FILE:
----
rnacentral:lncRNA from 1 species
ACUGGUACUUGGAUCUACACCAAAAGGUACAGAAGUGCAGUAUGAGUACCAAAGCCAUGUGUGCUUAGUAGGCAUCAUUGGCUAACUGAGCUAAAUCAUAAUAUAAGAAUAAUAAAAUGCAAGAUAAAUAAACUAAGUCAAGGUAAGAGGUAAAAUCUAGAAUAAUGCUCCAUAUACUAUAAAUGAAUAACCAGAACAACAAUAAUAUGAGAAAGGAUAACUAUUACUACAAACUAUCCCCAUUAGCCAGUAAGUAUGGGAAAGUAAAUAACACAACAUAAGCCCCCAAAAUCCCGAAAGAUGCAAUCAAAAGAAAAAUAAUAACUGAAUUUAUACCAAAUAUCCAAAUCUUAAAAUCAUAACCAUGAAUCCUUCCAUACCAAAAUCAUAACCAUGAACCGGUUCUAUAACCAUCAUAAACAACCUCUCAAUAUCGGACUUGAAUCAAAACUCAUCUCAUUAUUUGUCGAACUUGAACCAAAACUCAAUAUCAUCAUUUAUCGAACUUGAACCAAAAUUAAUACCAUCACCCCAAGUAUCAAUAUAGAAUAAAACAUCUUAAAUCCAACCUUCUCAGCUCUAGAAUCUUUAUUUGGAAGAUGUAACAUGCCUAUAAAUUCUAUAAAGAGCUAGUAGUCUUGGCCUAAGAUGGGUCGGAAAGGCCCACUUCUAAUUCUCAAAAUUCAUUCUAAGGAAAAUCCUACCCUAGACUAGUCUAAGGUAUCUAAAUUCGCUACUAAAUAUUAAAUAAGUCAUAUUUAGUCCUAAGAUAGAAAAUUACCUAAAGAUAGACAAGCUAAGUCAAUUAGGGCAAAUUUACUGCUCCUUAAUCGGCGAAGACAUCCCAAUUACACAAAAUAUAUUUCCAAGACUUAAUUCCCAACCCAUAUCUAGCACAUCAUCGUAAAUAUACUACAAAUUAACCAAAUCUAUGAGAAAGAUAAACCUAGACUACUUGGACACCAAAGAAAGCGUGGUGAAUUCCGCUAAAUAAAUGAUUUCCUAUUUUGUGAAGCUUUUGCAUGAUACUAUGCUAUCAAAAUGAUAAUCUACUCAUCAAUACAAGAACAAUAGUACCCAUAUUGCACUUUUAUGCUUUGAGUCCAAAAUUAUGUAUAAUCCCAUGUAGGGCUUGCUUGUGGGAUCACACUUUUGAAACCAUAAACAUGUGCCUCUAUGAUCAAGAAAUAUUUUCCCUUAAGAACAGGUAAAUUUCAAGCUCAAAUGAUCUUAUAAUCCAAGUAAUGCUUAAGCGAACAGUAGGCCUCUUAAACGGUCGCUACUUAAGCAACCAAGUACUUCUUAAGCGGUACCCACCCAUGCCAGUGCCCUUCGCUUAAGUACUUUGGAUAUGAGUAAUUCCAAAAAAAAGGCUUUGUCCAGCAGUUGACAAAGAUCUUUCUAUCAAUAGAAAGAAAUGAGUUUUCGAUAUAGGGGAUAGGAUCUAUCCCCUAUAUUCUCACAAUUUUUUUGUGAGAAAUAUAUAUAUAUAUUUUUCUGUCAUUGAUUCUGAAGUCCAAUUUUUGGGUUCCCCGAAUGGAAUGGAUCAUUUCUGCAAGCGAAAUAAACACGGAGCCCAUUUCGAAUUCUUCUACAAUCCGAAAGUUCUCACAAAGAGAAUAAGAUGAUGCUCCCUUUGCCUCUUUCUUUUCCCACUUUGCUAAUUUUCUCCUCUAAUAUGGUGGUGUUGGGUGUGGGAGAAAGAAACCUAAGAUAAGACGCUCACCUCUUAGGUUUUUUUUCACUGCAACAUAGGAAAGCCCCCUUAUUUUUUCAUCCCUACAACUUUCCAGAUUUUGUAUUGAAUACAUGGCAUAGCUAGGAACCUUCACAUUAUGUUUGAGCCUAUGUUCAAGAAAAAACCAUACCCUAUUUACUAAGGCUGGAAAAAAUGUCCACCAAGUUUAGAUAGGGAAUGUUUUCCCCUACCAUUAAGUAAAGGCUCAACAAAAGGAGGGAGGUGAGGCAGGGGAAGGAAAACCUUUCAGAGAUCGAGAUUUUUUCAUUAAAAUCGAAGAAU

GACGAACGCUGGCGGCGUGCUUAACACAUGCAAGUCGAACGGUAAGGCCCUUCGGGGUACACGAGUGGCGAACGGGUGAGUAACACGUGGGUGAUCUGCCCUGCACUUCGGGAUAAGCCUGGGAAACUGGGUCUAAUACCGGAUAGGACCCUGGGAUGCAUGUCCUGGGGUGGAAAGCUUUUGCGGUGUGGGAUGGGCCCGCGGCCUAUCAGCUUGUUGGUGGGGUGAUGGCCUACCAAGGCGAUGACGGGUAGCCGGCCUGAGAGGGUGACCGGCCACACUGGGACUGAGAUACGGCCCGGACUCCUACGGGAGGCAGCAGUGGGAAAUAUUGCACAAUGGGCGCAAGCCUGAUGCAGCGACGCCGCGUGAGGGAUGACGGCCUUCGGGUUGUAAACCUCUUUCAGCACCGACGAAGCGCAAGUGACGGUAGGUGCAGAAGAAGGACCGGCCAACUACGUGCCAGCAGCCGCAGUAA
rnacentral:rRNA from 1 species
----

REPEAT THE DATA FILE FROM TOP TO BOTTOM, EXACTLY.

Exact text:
rnacentral:lncRNA from 1 species
ACUGGUACUUGGAUCUACACCAAAAGGUACAGAAGUGCAGUAUGAGUACCAAAGCCAUGUGUGCUUAGUAGGCAUCAUUGGCUAACUGAGCUAAAUCAUAAUAUAAGAAUAAUAAAAUGCAAGAUAAAUAAACUAAGUCAAGGUAAGAGGUAAAAUCUAGAAUAAUGCUCCAUAUACUAUAAAUGAAUAACCAGAACAACAAUAAUAUGAGAAAGGAUAACUAUUACUACAAACUAUCCCCAUUAGCCAGUAAGUAUGGGAAAGUAAAUAACACAACAUAAGCCCCCAAAAUCCCGAAAGAUGCAAUCAAAAGAAAAAUAAUAACUGAAUUUAUACCAAAUAUCCAAAUCUUAAAAUCAUAACCAUGAAUCCUUCCAUACCAAAAUCAUAACCAUGAACCGGUUCUAUAACCAUCAUAAACAACCUCUCAAUAUCGGACUUGAAUCAAAACUCAUCUCAUUAUUUGUCGAACUUGAACCAAAACUCAAUAUCAUCAUUUAUCGAACUUGAACCAAAAUUAAUACCAUCACCCCAAGUAUCAAUAUAGAAUAAAACAUCUUAAAUCCAACCUUCUCAGCUCUAGAAUCUUUAUUUGGAAGAUGUAACAUGCCUAUAAAUUCUAUAAAGAGCUAGUAGUCUUGGCCUAAGAUGGGUCGGAAAGGCCCACUUCUAAUUCUCAAAAUUCAUUCUAAGGAAAAUCCUACCCUAGACUAGUCUAAGGUAUCUAAAUUCGCUACUAAAUAUUAAAUAAGUCAUAUUUAGUCCUAAGAUAGAAAAUUACCUAAAGAUAGACAAGCUAAGUCAAUUAGGGCAAAUUUACUGCUCCUUAAUCGGCGAAGACAUCCCAAUUACACAAAAUAUAUUUCCAAGACUUAAUUCCCAACCCAUAUCUAGCACAUCAUCGUAAAUAUACUACAAAUUAACCAAAUCUAUGAGAAAGAUAAACCUAGACUACUUGGACACCAAAGAAAGCGUGGUGAAUUCCGCUAAAUAAAUGAUUUCCUAUUUUGUGAAGCUUUUGCAUGAUACUAUGCUAUCAAAAUGAUAAUCUACUCAUCAAUACAAGAACAAUAGUACCCAUAUUGCACUUUUAUGCUUUGAGUCCAAAAUUAUGUAUAAUCCCAUGUAGGGCUUGCUUGUGGGAUCACACUUUUGAAACCAUAAACAUGUGCCUCUAUGAUCAAGAAAUAUUUUCCCUUAAGAACAGGUAAAUUUCAAGCUCAAAUGAUCUUAUAAUCCAAGUAAUGCUUAAGCGAACAGUAGGCCUCUUAAACGGUCGCUACUUAAGCAACCAAGUACUUCUUAAGCGGUACCCACCCAUGCCAGUGCCCUUCGCUUAAGUACUUUGGAUAUGAGUAAUUCCAAAAAAAAGGCUUUGUCCAGCAGUUGACAAAGAUCUUUCUAUCAAUAGAAAGAAAUGAGUUUUCGAUAUAGGGGAUAGGAUCUAUCCCCUAUAUUCUCACAAUUUUUUUGUGAGAAAUAUAUAUAUAUAUUUUUCUGUCAUUGAUUCUGAAGUCCAAUUUUUGGGUUCCCCGAAUGGAAUGGAUCAUUUCUGCAAGCGAAAUAAACACGGAGCCCAUUUCGAAUUCUUCUACAAUCCGAAAGUUCUCACAAAGAGAAUAAGAUGAUGCUCCCUUUGCCUCUUUCUUUUCCCACUUUGCUAAUUUUCUCCUCUAAUAUGGUGGUGUUGGGUGUGGGAGAAAGAAACCUAAGAUAAGACGCUCACCUCUUAGGUUUUUUUUCACUGCAACAUAGGAAAGCCCCCUUAUUUUUUCAUCCCUACAACUUUCCAGAUUUUGUAUUGAAUACAUGGCAUAGCUAGGAACCUUCACAUUAUGUUUGAGCCUAUGUUCAAGAAAAAACCAUACCCUAUUUACUAAGGCUGGAAAAAAUGUCCACCAAGUUUAGAUAGGGAAUGUUUUCCCCUACCAUUAAGUAAAGGCUCAACAAAAGGAGGGAGGUGAGGCAGGGGAAGGAAAACCUUUCAGAGAUCGAGAUUUUUUCAUUAAAAUCGAAGAAU

GACGAACGCUGGCGGCGUGCUUAACACAUGCAAGUCGAACGGUAAGGCCCUUCGGGGUACACGAGUGGCGAACGGGUGAGUAACACGUGGGUGAUCUGCCCUGCACUUCGGGAUAAGCCUGGGAAACUGGGUCUAAUACCGGAUAGGACCCUGGGAUGCAUGUCCUGGGGUGGAAAGCUUUUGCGGUGUGGGAUGGGCCCGCGGCCUAUCAGCUUGUUGGUGGGGUGAUGGCCUACCAAGGCGAUGACGGGUAGCCGGCCUGAGAGGGUGACCGGCCACACUGGGACUGAGAUACGGCCCGGACUCCUACGGGAGGCAGCAGUGGGAAAUAUUGCACAAUGGGCGCAAGCCUGAUGCAGCGACGCCGCGUGAGGGAUGACGGCCUUCGGGUUGUAAACCUCUUUCAGCACCGACGAAGCGCAAGUGACGGUAGGUGCAGAAGAAGGACCGGCCAACUACGUGCCAGCAGCCGCAGUAA
rnacentral:rRNA from 1 species